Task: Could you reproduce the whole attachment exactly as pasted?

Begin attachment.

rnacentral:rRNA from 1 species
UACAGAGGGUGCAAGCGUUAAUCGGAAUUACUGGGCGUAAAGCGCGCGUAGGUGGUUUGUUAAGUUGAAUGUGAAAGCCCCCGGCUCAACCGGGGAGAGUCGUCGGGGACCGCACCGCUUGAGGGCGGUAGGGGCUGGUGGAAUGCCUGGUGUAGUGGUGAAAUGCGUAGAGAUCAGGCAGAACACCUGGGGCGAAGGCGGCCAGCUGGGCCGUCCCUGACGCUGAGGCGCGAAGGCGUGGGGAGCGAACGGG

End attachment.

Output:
rnacentral:rRNA from 1 species
UACAGAGGGUGCAAGCGUUAAUCGGAAUUACUGGGCGUAAAGCGCGCGUAGGUGGUUUGUUAAGUUGAAUGUGAAAGCCCCCGGCUCAACCGGGGAGAGUCGUCGGGGACCGCACCGCUUGAGGGCGGUAGGGGCUGGUGGAAUGCCUGGUGUAGUGGUGAAAUGCGUAGAGAUCAGGCAGAACACCUGGGGCGAAGGCGGCCAGCUGGGCCGUCCCUGACGCUGAGGCGCGAAGGCGUGGGGAGCGAACGGG